CHICAGO – The Chicago Blackhawks have tried shuffling their lines, splitting up defense pairs, talking tough, cutting short a practice and just about any other way you can try to break out of a funk.
Nothing, so far, has worked. Wednesday's 2-1 loss at the United Center to the Phoenix Coyotes is the latest evidence.
Despite jumping out to a 1-0 lead in the first period – a period in which the Blackhawks outshot the Coyotes 14-4 -- another little flurry of goals allowed in the second period eventually led to another home loss.
Chicago (8-9-1) has now lost four straight at home and fell to just 4-7-0 in the Windy City. That's the bad news. The good news is that despite another stinging loss on home ice, the Blackhawks said there are more positives from this game than in their previous three losses at home to New Jersey and Edmonton (twice).
Now it's about patience and not letting the losses wreck their confidence.
"We're not going to turn on each other," said Chicago captain Jonathan Toews, who got off five shots but didn't record a point. "We're not going to get frustrated and we're not going to get negative. We'll battle through this and we're going to keep believing that we're a good team, because we know we are."
It might be difficult to convince Hawks fans of that, however. They're getting restless in the stands of the United Center and some even let out a smattering of boos following a second period that saw Chicago allow another sequence of back-to-back goals.
"You know, it's just not fun when we can't get things going, especially in front of our own fans," Toews said. "We want to show them what we can do, but we're just going to have to be patient as a team."
Trailing 1-0 early in the second, Phoenix forwards Kyle Turris and Eric Belanger each scored on Blackhawks goalie Marty Turco just 25 seconds apart to give the Coyotes the lead and much-needed two points in the standings.
Meanwhile, back-up goalie Jason LaBarbera shined in his first game since being pulled on Nov. 5 at Dallas after giving up three goals in 35 minutes. LaBarbera also toted a 4.76 goals-against average into the game, but didn't play like it while making 35 saves and getting his first win.
"I haven't had a whole lot of luck," LaBarbera said. "My last start was an early yank, so you always want to get in there and get a good effort in."
Helping him in that effort was some strong defensive play in front of him, as the Blackhawks tried to create scrambles for rebounds near the goal.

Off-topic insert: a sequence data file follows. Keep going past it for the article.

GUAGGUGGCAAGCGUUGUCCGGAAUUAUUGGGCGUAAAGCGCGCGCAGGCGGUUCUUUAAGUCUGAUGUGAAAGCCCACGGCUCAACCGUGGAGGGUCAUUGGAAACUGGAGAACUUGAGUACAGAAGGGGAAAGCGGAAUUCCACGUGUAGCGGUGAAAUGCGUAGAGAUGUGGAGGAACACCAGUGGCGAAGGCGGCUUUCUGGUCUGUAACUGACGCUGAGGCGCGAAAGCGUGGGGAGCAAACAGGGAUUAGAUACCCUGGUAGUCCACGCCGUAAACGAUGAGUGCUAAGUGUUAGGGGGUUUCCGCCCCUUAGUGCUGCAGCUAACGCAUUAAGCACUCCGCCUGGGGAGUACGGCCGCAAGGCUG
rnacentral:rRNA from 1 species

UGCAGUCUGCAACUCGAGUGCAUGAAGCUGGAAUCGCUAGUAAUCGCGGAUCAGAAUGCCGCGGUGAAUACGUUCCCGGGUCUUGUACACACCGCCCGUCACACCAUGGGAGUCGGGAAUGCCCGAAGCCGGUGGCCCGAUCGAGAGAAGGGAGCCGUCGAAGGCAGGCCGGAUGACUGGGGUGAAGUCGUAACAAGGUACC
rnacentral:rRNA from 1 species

"It seemed like their whole game plan was to throw pucks from bad angles and different spots and try to get rebounds and create havoc around the net," LaBarbera said. "Our 'D' did a real good job of boxing out and allowing me to make the initial save and kind of control my rebounds. If there were (rebounds), we had guys there."
All the hard work defending paid off in the second, starting with a goal by Turris. He tapped in a beautiful pass through the crease by Wojtek Wolski during a 2-on-1 rush at 6:23, followed by Belanger finishing off another Phoenix rush at 6:58 by blasting a shot past Turco from inside the right circle.
Both rushes were started by bad bounces off Hawks defenseman Duncan Keith, who finished with a minus-2 rating. Keith was kept on the bench for a few extra shifts in the second, and Hawks coach Joel Quenneville said it was mainly for poor performance.
Keith, who usually logs closer to 30 minutes of ice time per game, played just 20:55. He is now minus-7 for the season.
"I think everybody has stretches where they're on top of their game and at their best, and some stretches where they're looking to keep themselves in the game and get through it," Quenneville said. "He can be better."
The only goal that LaBarbera didn't stop was shot by Bryan Bickell at 9:22 of the first period. It was Bickell's third goal of the season, which he scored after skating from the boards to the high slot to fire a wrist shot. The puck appeared to hit Hawks forward Fernando Pisani and redirect through LaBarbera's pads.
The goal was first credited to Pisani, but a video review later determined that he didn't touch it and Bickell was credited with his first goal since scoring against Detroit on Oct. 9 in the Blackhawks' home opener.
That play was just one of many good ones for Chicago in the first period. The Blackhawks dominated play in the first, whether it was the result of new line combinations and defense pairings or just a recharged effort to start better at home.
That first period makes the loss even tougher to swallow, as the Blackhawks now prepare for a Saturday road game at Nashville.
"I thought maybe our first period was our best period all year, but it's still so tough to take," defenseman Brian Campbell said. "You wake up in the morning and look at it, it's a defeat and something that we shouldn't let go of right away. We know it's unacceptable and we just need to keep working harder. It's going to come through hard work."
It also better come sooner than later, according to Turco – who said it’s no longer early in the season.
"It's just all about team play and collecting points," he said. "It can get away pretty easy. The Western Conference and Central Division (are) super tough, but nobody's feeling sorry for the Chicago Blackhawks right now. We're the ones who are going to have to pick ourselves up. I know we can do it real soon. We just need to."
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